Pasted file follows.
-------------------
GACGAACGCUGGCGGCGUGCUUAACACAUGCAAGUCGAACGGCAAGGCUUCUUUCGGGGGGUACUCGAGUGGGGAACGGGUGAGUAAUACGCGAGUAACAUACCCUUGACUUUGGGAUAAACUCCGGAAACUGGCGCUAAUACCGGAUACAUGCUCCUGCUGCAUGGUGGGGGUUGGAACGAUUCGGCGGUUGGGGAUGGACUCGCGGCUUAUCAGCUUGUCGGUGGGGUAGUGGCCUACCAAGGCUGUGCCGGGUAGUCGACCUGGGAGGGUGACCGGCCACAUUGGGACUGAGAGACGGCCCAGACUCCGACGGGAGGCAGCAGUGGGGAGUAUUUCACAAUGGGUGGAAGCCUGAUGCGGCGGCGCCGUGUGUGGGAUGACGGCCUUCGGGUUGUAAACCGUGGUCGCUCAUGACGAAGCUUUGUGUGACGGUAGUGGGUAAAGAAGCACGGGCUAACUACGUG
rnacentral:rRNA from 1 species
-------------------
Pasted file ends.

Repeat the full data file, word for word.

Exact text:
GACGAACGCUGGCGGCGUGCUUAACACAUGCAAGUCGAACGGCAAGGCUUCUUUCGGGGGGUACUCGAGUGGGGAACGGGUGAGUAAUACGCGAGUAACAUACCCUUGACUUUGGGAUAAACUCCGGAAACUGGCGCUAAUACCGGAUACAUGCUCCUGCUGCAUGGUGGGGGUUGGAACGAUUCGGCGGUUGGGGAUGGACUCGCGGCUUAUCAGCUUGUCGGUGGGGUAGUGGCCUACCAAGGCUGUGCCGGGUAGUCGACCUGGGAGGGUGACCGGCCACAUUGGGACUGAGAGACGGCCCAGACUCCGACGGGAGGCAGCAGUGGGGAGUAUUUCACAAUGGGUGGAAGCCUGAUGCGGCGGCGCCGUGUGUGGGAUGACGGCCUUCGGGUUGUAAACCGUGGUCGCUCAUGACGAAGCUUUGUGUGACGGUAGUGGGUAAAGAAGCACGGGCUAACUACGUG
rnacentral:rRNA from 1 species